The trail passes extensive meadows that are old farm lands being restored for habitat. We imagined a riot of wildflowers here a little later in the season. The weather cooperated to the extent of not raining on us but persisted with one of those milky overcasts that suck the color out of photographs. But no complaints lest it start snowing!
The trail doesn’t stick close to the creek the whole way but there are a few spots where you can easily access it. The first of these is at a ford about one mile from the trailhead. The creek is currently swollen thanks to all the rain we’ve gotten this winter but by summer it should have shrunk to a less dangerous, more swimable piece of water.
A little upstream from the ford, we found one of the several small cascades that give the creek some character (and a voice).
We continued along the road, looking for wildflowers. Some of the smaller ones were out but, as noted before, it’s still early for the bigger, showier ones. What jumped out at us was a brilliantly red, non-native flowering quince, one likely brought in by the folks who homesteaded this valley in the late 1800s.
Lacking flowers, we were, as usual, drawn to the shapes and colors of the rock gardens and lichens along the trail.
A little shy of 3.5 miles from the trailhead, we crossed the vehicle bridge over Alco Creek,
and soon came to the southern end of the meadow at 7 Mile Bend. We left the paved trail here and followed an obvious dirt road over to where there are excellent swimming holes for when the creek calms down in the summer.
We continued on the dirt road as it swung back to the trail at the north end of the meadow at 7 Mile Bend.
A short while after regaining the road, we passed what surely qualifies as whitewater on the Elk – something maybe for kayakers but not swimmers!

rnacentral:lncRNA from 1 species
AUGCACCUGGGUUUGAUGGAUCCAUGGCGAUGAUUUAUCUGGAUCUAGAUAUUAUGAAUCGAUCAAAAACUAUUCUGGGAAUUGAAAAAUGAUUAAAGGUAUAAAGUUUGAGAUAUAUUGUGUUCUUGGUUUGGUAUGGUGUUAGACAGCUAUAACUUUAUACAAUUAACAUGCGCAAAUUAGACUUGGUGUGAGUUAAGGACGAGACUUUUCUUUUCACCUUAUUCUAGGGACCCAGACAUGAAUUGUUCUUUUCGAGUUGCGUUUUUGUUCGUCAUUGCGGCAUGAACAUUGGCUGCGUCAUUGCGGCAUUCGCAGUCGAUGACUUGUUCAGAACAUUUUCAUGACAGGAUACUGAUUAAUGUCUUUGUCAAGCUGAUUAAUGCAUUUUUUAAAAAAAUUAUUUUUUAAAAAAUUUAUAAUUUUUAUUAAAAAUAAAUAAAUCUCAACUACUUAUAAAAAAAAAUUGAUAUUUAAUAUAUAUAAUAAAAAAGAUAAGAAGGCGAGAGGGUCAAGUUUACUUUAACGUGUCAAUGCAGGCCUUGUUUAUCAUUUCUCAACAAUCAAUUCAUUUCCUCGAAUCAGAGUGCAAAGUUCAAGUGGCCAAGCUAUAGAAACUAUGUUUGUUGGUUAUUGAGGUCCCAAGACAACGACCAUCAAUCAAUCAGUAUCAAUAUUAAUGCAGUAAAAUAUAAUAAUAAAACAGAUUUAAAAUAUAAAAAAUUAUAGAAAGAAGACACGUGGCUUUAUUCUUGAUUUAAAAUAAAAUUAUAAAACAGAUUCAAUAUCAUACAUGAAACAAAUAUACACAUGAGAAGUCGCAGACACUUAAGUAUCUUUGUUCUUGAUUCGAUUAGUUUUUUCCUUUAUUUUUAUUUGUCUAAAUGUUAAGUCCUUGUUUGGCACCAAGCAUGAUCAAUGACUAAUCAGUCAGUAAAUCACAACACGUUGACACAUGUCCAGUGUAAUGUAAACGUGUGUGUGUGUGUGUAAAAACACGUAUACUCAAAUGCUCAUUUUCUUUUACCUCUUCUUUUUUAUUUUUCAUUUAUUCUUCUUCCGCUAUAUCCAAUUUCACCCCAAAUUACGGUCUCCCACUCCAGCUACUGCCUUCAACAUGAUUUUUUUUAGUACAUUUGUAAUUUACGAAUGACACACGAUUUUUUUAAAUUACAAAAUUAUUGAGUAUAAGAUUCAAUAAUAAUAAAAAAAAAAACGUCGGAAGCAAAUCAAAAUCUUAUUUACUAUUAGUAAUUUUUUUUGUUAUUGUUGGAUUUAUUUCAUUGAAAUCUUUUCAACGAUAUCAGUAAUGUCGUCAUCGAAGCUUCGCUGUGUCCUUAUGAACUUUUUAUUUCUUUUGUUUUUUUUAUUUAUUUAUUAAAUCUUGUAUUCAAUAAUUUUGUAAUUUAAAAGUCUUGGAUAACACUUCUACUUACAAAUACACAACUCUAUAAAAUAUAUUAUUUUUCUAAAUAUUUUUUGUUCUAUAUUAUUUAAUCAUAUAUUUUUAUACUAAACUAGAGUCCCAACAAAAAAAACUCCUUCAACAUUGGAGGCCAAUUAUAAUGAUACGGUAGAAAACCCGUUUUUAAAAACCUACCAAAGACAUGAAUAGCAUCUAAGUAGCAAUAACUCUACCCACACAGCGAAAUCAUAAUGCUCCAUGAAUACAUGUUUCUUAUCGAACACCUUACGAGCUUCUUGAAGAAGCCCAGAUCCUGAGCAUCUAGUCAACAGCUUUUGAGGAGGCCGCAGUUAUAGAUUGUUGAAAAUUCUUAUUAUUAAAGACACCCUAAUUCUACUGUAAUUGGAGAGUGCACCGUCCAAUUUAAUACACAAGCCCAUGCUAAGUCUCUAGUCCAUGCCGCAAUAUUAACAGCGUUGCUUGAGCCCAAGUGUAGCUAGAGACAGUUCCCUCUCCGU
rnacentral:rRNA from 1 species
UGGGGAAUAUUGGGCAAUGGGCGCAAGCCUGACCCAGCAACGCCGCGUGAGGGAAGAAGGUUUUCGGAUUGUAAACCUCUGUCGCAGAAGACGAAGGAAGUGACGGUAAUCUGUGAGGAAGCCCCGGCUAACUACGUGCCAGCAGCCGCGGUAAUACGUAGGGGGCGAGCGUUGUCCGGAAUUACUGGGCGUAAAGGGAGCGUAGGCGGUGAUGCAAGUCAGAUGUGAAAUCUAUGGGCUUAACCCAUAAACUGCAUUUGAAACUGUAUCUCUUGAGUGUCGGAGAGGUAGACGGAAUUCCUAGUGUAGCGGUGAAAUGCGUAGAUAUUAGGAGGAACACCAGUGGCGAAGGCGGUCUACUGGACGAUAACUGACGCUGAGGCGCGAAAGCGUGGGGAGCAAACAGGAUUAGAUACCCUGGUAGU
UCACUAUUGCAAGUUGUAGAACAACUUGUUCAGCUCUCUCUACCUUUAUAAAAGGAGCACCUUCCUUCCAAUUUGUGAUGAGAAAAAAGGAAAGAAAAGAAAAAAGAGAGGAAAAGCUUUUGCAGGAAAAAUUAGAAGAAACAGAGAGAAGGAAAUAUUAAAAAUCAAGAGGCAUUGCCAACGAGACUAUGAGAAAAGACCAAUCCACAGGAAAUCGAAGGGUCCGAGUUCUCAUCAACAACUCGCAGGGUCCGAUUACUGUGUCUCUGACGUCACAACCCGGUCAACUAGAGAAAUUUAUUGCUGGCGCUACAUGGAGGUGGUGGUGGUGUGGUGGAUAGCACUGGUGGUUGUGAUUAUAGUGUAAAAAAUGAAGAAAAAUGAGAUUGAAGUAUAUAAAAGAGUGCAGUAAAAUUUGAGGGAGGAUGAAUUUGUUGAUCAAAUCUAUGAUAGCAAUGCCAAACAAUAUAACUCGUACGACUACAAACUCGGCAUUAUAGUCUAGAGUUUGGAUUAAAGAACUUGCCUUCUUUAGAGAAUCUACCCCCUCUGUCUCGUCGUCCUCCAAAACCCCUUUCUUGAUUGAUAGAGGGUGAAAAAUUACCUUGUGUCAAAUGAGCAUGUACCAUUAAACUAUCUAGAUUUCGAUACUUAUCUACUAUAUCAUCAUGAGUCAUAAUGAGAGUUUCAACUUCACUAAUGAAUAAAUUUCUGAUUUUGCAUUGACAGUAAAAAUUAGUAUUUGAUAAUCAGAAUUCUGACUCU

Just beyond 7 Mile Bend, we crossed the pedestrian bridge over Middle Creek,
and made another close pass at Elk Creek,
followed the now gravel trail as it rises to pass along the new Elk Creek Road, and soon arrived at the Homesteader’s trailhead.
We could have called it a day at this point but, no, we’re geeky enough to want to see what created this trail in the first place – the remains of the Elk Creek Dam. So we drove back to the turn-off to the southern trailhead and down to what looked like an obvious, but unsigned, parking area about 0.9 miles north of the dam site. The gravel piles remain in place “just in case” there’s some desire to restart the dam project (ah, hope springs eternal, etc.).
Other folks were wandering around, so we strolled down the road to have a look at the “The Notch” in the dam and the partially completed intake structure.
The dam was somewhat unique in that it was being built with roller-compacted concrete, a joint-less technique that needs neither forms nor finishing, nor does it contain dowels or steel reinforcing. Just layers of concrete literally rolled-out and compacted in place. A cheaper and quicker method, but not quick enough.
The dam was originally scheduled to be 240 feet high, but had reached a height of only 80 feet before work was stopped. So while the remains of the intake structure look massive,
you have to imagine it rising (had it been finished) some 240 feet over your head, to the height of a 30-story building! The lowest water level in the planned reservoir would have been about at the rebar in the remaining structure!
So, geek-fest over, we swung north for the short hike back to the car. It was at this point, of course, that the milky overcast finally cleared to give us a blue sky look at Berry Rock for the last 10 minutes of our hike. Oh, the irony!
Overall, a very pleasant hike (5.5 miles; 300 feet of elevation gain; add two miles round-trip for the walk to the dam site) despite it being a less than optimal weather day. We saw deer, a hawk, turkeys, a kinglet, and several other small birds which refused to stay still long enough for identification. Certainly worth a return visit (as a hike or bike ride) for wildflowers in two-three weeks or for swimming later in the summer. So kudos to the USACE for turning a bad dam into a good park. The USACE brochure is not clear on this, but some newspaper accounts [accessed after the hike] of this new park indicate that you’re not supposed to go wandering around the old dam site. So our bad if we broke some rule we didn’t know about. But it would be nice if the USACE could figure a way to clearly, safely, and legally allow folks to get a look at this unique piece of Oregon’s dam history. It’s the least they could do for the 100 million or so taxpayer dollars poured into this non-dam.